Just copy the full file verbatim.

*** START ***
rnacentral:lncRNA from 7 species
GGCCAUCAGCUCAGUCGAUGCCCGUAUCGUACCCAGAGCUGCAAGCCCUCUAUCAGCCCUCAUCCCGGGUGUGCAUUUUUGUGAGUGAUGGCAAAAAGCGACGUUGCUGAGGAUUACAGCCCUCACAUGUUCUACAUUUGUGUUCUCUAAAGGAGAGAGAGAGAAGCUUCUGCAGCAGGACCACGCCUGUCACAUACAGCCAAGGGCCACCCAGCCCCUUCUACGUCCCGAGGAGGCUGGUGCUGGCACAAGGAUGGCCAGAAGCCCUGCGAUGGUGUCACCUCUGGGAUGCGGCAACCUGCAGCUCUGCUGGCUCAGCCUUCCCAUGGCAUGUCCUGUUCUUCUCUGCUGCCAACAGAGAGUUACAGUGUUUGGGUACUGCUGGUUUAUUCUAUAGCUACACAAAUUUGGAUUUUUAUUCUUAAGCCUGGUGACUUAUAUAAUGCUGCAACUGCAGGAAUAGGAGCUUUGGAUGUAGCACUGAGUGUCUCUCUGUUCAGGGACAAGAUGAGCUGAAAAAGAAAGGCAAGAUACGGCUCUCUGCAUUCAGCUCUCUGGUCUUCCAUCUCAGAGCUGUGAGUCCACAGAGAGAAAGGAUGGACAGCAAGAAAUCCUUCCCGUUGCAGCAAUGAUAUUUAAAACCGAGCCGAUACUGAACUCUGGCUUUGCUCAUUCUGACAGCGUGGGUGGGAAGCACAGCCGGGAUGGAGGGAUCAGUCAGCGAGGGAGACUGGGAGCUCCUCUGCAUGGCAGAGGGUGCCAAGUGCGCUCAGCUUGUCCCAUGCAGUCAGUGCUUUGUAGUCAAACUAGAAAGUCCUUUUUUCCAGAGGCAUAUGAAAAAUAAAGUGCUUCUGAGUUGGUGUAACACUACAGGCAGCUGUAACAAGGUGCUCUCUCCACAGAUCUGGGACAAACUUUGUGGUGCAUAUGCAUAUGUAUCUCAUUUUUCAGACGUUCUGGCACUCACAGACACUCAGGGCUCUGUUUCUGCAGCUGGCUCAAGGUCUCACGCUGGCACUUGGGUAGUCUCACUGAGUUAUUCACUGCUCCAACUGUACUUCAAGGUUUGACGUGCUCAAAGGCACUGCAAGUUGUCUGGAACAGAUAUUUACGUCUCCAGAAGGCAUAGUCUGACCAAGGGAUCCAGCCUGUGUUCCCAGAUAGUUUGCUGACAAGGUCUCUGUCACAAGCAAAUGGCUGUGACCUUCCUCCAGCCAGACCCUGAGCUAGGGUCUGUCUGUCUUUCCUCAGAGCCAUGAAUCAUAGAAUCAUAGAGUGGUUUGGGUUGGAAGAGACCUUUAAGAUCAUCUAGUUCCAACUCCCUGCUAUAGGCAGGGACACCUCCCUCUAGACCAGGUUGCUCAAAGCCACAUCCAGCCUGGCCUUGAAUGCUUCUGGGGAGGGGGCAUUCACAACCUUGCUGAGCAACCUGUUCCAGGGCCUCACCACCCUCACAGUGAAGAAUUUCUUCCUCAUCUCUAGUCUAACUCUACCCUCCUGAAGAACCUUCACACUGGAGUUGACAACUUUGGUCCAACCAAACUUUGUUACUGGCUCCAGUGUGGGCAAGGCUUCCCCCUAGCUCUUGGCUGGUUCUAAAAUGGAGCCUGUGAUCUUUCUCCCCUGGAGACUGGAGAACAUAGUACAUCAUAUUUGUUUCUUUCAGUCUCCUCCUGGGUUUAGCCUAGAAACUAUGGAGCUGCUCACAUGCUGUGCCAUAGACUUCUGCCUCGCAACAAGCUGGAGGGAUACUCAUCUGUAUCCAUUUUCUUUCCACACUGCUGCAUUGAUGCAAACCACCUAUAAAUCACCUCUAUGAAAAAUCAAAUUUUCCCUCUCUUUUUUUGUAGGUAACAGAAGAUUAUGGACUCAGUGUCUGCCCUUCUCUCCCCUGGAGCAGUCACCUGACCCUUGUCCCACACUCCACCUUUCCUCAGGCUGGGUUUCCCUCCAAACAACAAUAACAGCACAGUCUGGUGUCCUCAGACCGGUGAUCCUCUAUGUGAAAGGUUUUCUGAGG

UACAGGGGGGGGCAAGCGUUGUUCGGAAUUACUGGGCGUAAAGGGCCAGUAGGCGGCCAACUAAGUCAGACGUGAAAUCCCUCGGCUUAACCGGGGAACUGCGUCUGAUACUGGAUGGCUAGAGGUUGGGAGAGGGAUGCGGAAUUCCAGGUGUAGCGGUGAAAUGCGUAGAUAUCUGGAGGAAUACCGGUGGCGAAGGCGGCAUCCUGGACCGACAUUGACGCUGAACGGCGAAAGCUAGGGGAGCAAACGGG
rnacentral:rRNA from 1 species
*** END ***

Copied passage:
rnacentral:lncRNA from 7 species
GGCCAUCAGCUCAGUCGAUGCCCGUAUCGUACCCAGAGCUGCAAGCCCUCUAUCAGCCCUCAUCCCGGGUGUGCAUUUUUGUGAGUGAUGGCAAAAAGCGACGUUGCUGAGGAUUACAGCCCUCACAUGUUCUACAUUUGUGUUCUCUAAAGGAGAGAGAGAGAAGCUUCUGCAGCAGGACCACGCCUGUCACAUACAGCCAAGGGCCACCCAGCCCCUUCUACGUCCCGAGGAGGCUGGUGCUGGCACAAGGAUGGCCAGAAGCCCUGCGAUGGUGUCACCUCUGGGAUGCGGCAACCUGCAGCUCUGCUGGCUCAGCCUUCCCAUGGCAUGUCCUGUUCUUCUCUGCUGCCAACAGAGAGUUACAGUGUUUGGGUACUGCUGGUUUAUUCUAUAGCUACACAAAUUUGGAUUUUUAUUCUUAAGCCUGGUGACUUAUAUAAUGCUGCAACUGCAGGAAUAGGAGCUUUGGAUGUAGCACUGAGUGUCUCUCUGUUCAGGGACAAGAUGAGCUGAAAAAGAAAGGCAAGAUACGGCUCUCUGCAUUCAGCUCUCUGGUCUUCCAUCUCAGAGCUGUGAGUCCACAGAGAGAAAGGAUGGACAGCAAGAAAUCCUUCCCGUUGCAGCAAUGAUAUUUAAAACCGAGCCGAUACUGAACUCUGGCUUUGCUCAUUCUGACAGCGUGGGUGGGAAGCACAGCCGGGAUGGAGGGAUCAGUCAGCGAGGGAGACUGGGAGCUCCUCUGCAUGGCAGAGGGUGCCAAGUGCGCUCAGCUUGUCCCAUGCAGUCAGUGCUUUGUAGUCAAACUAGAAAGUCCUUUUUUCCAGAGGCAUAUGAAAAAUAAAGUGCUUCUGAGUUGGUGUAACACUACAGGCAGCUGUAACAAGGUGCUCUCUCCACAGAUCUGGGACAAACUUUGUGGUGCAUAUGCAUAUGUAUCUCAUUUUUCAGACGUUCUGGCACUCACAGACACUCAGGGCUCUGUUUCUGCAGCUGGCUCAAGGUCUCACGCUGGCACUUGGGUAGUCUCACUGAGUUAUUCACUGCUCCAACUGUACUUCAAGGUUUGACGUGCUCAAAGGCACUGCAAGUUGUCUGGAACAGAUAUUUACGUCUCCAGAAGGCAUAGUCUGACCAAGGGAUCCAGCCUGUGUUCCCAGAUAGUUUGCUGACAAGGUCUCUGUCACAAGCAAAUGGCUGUGACCUUCCUCCAGCCAGACCCUGAGCUAGGGUCUGUCUGUCUUUCCUCAGAGCCAUGAAUCAUAGAAUCAUAGAGUGGUUUGGGUUGGAAGAGACCUUUAAGAUCAUCUAGUUCCAACUCCCUGCUAUAGGCAGGGACACCUCCCUCUAGACCAGGUUGCUCAAAGCCACAUCCAGCCUGGCCUUGAAUGCUUCUGGGGAGGGGGCAUUCACAACCUUGCUGAGCAACCUGUUCCAGGGCCUCACCACCCUCACAGUGAAGAAUUUCUUCCUCAUCUCUAGUCUAACUCUACCCUCCUGAAGAACCUUCACACUGGAGUUGACAACUUUGGUCCAACCAAACUUUGUUACUGGCUCCAGUGUGGGCAAGGCUUCCCCCUAGCUCUUGGCUGGUUCUAAAAUGGAGCCUGUGAUCUUUCUCCCCUGGAGACUGGAGAACAUAGUACAUCAUAUUUGUUUCUUUCAGUCUCCUCCUGGGUUUAGCCUAGAAACUAUGGAGCUGCUCACAUGCUGUGCCAUAGACUUCUGCCUCGCAACAAGCUGGAGGGAUACUCAUCUGUAUCCAUUUUCUUUCCACACUGCUGCAUUGAUGCAAACCACCUAUAAAUCACCUCUAUGAAAAAUCAAAUUUUCCCUCUCUUUUUUUGUAGGUAACAGAAGAUUAUGGACUCAGUGUCUGCCCUUCUCUCCCCUGGAGCAGUCACCUGACCCUUGUCCCACACUCCACCUUUCCUCAGGCUGGGUUUCCCUCCAAACAACAAUAACAGCACAGUCUGGUGUCCUCAGACCGGUGAUCCUCUAUGUGAAAGGUUUUCUGAGG

UACAGGGGGGGGCAAGCGUUGUUCGGAAUUACUGGGCGUAAAGGGCCAGUAGGCGGCCAACUAAGUCAGACGUGAAAUCCCUCGGCUUAACCGGGGAACUGCGUCUGAUACUGGAUGGCUAGAGGUUGGGAGAGGGAUGCGGAAUUCCAGGUGUAGCGGUGAAAUGCGUAGAUAUCUGGAGGAAUACCGGUGGCGAAGGCGGCAUCCUGGACCGACAUUGACGCUGAACGGCGAAAGCUAGGGGAGCAAACGGG
rnacentral:rRNA from 1 species